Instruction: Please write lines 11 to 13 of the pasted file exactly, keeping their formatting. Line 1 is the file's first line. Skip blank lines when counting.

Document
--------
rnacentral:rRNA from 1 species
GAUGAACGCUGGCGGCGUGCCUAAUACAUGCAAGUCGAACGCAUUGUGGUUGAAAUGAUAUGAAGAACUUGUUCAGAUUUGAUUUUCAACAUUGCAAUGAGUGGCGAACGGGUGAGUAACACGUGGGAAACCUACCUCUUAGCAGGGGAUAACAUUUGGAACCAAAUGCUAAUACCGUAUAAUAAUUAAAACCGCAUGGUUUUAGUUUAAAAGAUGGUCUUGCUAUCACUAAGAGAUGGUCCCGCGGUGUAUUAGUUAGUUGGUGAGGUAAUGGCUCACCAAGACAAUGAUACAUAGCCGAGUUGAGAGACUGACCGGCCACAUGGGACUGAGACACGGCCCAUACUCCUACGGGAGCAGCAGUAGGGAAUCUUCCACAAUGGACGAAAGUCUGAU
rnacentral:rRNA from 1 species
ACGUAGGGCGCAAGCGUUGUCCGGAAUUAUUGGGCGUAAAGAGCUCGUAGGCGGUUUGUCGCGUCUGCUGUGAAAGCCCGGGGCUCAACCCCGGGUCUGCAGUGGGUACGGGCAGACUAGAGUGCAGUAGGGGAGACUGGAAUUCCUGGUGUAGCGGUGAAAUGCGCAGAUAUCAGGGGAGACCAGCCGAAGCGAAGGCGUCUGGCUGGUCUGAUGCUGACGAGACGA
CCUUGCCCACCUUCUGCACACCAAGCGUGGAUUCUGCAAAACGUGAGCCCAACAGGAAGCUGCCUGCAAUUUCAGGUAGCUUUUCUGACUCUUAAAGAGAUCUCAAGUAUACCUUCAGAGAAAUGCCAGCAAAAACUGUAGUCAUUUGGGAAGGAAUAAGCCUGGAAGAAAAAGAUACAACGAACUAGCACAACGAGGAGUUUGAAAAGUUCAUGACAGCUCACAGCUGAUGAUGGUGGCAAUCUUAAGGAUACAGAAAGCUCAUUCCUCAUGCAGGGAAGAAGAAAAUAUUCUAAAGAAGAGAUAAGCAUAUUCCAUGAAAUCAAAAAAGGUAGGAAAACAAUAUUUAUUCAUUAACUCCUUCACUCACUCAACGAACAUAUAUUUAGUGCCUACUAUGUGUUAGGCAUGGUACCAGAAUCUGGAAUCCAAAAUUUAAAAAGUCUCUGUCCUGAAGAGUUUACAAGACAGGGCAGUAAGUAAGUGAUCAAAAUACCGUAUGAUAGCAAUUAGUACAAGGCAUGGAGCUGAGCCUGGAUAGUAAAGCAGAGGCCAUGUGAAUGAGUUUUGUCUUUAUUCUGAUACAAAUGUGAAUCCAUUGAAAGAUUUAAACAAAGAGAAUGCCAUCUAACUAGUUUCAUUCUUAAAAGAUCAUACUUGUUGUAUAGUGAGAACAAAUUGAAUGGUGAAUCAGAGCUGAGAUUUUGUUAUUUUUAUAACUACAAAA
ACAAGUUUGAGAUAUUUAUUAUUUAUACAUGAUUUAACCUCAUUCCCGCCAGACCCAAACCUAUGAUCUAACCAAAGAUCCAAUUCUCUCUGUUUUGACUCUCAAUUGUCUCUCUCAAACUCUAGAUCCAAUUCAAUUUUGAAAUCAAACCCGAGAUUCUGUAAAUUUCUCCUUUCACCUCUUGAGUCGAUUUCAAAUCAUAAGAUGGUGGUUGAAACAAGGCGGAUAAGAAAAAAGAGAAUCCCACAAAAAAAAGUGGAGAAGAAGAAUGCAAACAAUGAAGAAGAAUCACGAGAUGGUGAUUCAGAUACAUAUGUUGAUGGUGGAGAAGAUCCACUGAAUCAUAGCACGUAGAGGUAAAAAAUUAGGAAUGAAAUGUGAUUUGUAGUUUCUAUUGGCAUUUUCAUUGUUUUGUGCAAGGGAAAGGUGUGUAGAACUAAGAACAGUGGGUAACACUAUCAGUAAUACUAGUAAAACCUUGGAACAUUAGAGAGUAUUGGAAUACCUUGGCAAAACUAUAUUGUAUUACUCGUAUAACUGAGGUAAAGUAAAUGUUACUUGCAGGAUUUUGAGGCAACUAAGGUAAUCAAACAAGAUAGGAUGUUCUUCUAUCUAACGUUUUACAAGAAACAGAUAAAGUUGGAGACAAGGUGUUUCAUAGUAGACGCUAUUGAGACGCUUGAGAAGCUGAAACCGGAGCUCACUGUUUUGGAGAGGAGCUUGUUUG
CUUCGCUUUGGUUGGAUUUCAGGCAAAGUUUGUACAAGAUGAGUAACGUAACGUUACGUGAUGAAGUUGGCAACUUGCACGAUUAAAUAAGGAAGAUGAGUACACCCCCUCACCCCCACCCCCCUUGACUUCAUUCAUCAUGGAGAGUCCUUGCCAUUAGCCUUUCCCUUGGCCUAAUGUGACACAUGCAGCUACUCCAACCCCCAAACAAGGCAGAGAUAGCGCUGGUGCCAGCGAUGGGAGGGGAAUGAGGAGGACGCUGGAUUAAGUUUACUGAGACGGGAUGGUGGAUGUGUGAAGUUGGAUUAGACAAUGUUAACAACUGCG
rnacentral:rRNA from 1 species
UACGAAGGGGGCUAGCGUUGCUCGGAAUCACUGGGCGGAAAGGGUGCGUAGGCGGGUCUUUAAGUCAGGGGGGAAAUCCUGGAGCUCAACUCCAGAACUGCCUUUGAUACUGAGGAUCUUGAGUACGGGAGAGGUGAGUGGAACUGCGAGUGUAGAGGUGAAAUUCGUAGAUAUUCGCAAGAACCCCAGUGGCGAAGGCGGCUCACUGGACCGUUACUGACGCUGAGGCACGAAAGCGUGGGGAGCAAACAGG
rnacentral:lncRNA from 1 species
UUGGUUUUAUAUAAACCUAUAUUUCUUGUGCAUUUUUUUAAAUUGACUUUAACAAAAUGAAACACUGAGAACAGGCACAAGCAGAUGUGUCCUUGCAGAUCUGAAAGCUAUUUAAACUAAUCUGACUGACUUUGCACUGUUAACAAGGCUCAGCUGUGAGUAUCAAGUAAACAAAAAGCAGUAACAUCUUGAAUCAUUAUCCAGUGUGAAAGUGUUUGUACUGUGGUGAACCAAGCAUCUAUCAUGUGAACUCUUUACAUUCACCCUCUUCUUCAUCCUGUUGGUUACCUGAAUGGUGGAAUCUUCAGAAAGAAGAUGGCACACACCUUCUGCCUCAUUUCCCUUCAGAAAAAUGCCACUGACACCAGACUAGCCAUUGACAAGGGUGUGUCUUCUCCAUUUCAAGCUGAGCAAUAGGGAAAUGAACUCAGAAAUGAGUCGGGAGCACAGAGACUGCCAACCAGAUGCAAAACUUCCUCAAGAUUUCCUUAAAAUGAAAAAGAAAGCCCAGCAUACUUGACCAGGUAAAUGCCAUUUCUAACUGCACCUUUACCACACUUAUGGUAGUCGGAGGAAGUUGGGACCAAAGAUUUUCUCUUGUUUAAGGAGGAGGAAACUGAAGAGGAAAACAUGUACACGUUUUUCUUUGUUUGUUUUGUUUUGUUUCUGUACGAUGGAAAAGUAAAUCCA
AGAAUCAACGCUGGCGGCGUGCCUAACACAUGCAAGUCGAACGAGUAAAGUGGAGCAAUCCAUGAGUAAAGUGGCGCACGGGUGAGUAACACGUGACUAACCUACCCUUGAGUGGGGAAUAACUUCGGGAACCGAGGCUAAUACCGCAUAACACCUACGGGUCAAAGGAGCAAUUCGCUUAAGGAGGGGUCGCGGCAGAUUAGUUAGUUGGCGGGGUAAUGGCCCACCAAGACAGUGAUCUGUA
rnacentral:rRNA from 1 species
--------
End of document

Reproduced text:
UUGGUUUUAUAUAAACCUAUAUUUCUUGUGCAUUUUUUUAAAUUGACUUUAACAAAAUGAAACACUGAGAACAGGCACAAGCAGAUGUGUCCUUGCAGAUCUGAAAGCUAUUUAAACUAAUCUGACUGACUUUGCACUGUUAACAAGGCUCAGCUGUGAGUAUCAAGUAAACAAAAAGCAGUAACAUCUUGAAUCAUUAUCCAGUGUGAAAGUGUUUGUACUGUGGUGAACCAAGCAUCUAUCAUGUGAACUCUUUACAUUCACCCUCUUCUUCAUCCUGUUGGUUACCUGAAUGGUGGAAUCUUCAGAAAGAAGAUGGCACACACCUUCUGCCUCAUUUCCCUUCAGAAAAAUGCCACUGACACCAGACUAGCCAUUGACAAGGGUGUGUCUUCUCCAUUUCAAGCUGAGCAAUAGGGAAAUGAACUCAGAAAUGAGUCGGGAGCACAGAGACUGCCAACCAGAUGCAAAACUUCCUCAAGAUUUCCUUAAAAUGAAAAAGAAAGCCCAGCAUACUUGACCAGGUAAAUGCCAUUUCUAACUGCACCUUUACCACACUUAUGGUAGUCGGAGGAAGUUGGGACCAAAGAUUUUCUCUUGUUUAAGGAGGAGGAAACUGAAGAGGAAAACAUGUACACGUUUUUCUUUGUUUGUUUUGUUUUGUUUCUGUACGAUGGAAAAGUAAAUCCA
AGAAUCAACGCUGGCGGCGUGCCUAACACAUGCAAGUCGAACGAGUAAAGUGGAGCAAUCCAUGAGUAAAGUGGCGCACGGGUGAGUAACACGUGACUAACCUACCCUUGAGUGGGGAAUAACUUCGGGAACCGAGGCUAAUACCGCAUAACACCUACGGGUCAAAGGAGCAAUUCGCUUAAGGAGGGGUCGCGGCAGAUUAGUUAGUUGGCGGGGUAAUGGCCCACCAAGACAGUGAUCUGUA
rnacentral:rRNA from 1 species